Mission of Burma were great on Friday night. Two long sets and a two song encore, including the Wipers "Youth of America" (which is a really long song as every DJ knows, great for putting on if you have to go to the bathroom). I strikes me that Youth of America is an appropriate song for Burma to cover as it has that same anthemic quality as great Burma songs. It is also on the new I-Tunes only live album that I have to get around to downloading. I snagged the set lists after the show. I'll have to try to get them digitized to post. Burma struck just the right balance between old and new songs. Peter Prescott is a really inventive drummer, and I guess that is why I always loved the Volcano Suns so much. And he was even funny in his between song banter. There is one thing I don't understand. In everything you read about Burma, the terms "avant" or "art" are thrown around. I realize that their structures aren't always conventional. They manipulated tape loops before it was popular. Some of the members had actual musical training. Also, I am listening with modern ears. But they had less conventional contemporaries in the US (no wave) and the UK (some of the post punk bands). I am not meaning this as a criticism in any way. But to me they aren't an art band. Just a great and interesting ROCK band. And very few of their contemporaries rocked like Burma.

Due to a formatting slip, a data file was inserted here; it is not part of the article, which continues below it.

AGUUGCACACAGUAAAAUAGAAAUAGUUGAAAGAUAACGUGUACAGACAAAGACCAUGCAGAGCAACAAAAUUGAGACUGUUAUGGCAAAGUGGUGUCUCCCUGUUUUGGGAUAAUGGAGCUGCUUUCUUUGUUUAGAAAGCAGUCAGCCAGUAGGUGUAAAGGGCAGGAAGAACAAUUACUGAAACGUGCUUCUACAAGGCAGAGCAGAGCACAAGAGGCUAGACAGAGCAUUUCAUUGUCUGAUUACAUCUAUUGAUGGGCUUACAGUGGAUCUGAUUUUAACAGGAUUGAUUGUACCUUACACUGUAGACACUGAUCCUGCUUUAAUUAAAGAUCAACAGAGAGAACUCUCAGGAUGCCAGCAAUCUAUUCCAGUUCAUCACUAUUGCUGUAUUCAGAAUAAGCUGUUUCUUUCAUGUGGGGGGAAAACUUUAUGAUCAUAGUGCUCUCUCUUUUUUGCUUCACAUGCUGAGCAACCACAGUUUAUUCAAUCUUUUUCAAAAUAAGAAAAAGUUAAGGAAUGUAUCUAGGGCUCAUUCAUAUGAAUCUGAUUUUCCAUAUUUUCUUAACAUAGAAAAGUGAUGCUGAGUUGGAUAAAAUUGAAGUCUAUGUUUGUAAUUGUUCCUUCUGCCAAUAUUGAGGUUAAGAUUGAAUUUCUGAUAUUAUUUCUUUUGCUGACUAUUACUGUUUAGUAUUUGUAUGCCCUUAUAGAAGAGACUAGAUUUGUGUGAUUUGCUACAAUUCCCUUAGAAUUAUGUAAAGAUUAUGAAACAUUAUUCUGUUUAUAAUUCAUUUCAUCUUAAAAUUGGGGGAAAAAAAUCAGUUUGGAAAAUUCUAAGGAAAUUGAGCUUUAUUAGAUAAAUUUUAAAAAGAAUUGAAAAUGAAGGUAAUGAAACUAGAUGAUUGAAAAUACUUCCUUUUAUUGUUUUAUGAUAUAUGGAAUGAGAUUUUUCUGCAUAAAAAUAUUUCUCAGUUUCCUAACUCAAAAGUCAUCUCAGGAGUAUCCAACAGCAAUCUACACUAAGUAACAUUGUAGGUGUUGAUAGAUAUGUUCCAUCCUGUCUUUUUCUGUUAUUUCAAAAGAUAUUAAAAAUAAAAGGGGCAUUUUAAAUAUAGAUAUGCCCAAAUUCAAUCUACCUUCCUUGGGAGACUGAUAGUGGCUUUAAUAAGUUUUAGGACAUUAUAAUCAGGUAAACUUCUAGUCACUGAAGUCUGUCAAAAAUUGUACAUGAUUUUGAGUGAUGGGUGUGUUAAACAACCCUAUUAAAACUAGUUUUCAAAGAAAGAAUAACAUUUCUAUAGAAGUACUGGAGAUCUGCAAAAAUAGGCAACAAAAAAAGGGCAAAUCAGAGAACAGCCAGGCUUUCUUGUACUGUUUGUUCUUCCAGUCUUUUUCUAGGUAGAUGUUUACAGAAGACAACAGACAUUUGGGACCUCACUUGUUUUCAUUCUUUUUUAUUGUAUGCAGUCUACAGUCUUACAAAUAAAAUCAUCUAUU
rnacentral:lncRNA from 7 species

Thursday, January 13, 2005
He Doth Protest Too Much, or, An Upcoming Weekend of Retro Show Going
Mission of Burma Friday night at the Bowery Ballroom. Suicide Saturday night at the Knitting Factory. And, as a late add onto the Suicide bill, Thee Majesty, featuring Genesis P-Orridge of Throbbing Gristle and Psychic TV fame. From my coming weekend of show going, you would think I am old. Well, for general show going, perhaps I am - - but I'm not that old. I really am into new music. I love collecting old vinyl, but I buy new records all the time too. I go to shows by current bands. I am not a jaded "back in the day" kind of person. I think that now is a great time for indie rock, and I think tomorrow will be too.
You are going to accuse me of being a little too defensive, the old he doth protest too much thing. It isn't that. It is that I am generally against reunions by old bands, but in the past year or so I have gone to my share. Rocket from the Tombs and the MC5 being the most obvious. Both were good shows but didn't seem genuine. I don't have time now to write about my aversion to reunions. I'll save that for a post next week.